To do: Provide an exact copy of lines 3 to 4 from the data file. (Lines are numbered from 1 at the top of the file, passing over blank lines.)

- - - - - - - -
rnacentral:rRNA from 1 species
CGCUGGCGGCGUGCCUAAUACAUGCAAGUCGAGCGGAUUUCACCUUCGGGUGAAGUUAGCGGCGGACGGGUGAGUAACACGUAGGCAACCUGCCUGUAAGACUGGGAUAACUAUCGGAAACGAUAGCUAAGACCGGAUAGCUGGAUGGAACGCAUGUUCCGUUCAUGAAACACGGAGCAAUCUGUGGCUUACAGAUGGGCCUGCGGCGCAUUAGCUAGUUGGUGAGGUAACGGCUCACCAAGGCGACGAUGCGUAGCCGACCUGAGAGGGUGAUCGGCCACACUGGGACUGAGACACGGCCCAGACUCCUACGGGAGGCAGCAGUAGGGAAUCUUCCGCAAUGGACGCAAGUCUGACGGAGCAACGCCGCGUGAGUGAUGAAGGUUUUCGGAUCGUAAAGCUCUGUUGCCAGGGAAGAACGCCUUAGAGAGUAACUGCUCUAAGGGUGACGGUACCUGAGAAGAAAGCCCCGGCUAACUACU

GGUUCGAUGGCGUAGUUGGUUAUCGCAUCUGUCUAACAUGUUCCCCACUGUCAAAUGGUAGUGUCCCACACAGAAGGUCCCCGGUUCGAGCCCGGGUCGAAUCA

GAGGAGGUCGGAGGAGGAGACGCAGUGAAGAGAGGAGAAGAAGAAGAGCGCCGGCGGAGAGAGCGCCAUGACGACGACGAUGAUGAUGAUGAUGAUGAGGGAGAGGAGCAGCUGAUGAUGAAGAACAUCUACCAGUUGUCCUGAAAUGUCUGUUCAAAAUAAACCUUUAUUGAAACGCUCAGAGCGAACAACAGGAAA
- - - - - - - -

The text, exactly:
GGUUCGAUGGCGUAGUUGGUUAUCGCAUCUGUCUAACAUGUUCCCCACUGUCAAAUGGUAGUGUCCCACACAGAAGGUCCCCGGUUCGAGCCCGGGUCGAAUCA

GAGGAGGUCGGAGGAGGAGACGCAGUGAAGAGAGGAGAAGAAGAAGAGCGCCGGCGGAGAGAGCGCCAUGACGACGACGAUGAUGAUGAUGAUGAUGAGGGAGAGGAGCAGCUGAUGAUGAAGAACAUCUACCAGUUGUCCUGAAAUGUCUGUUCAAAAUAAACCUUUAUUGAAACGCUCAGAGCGAACAACAGGAAA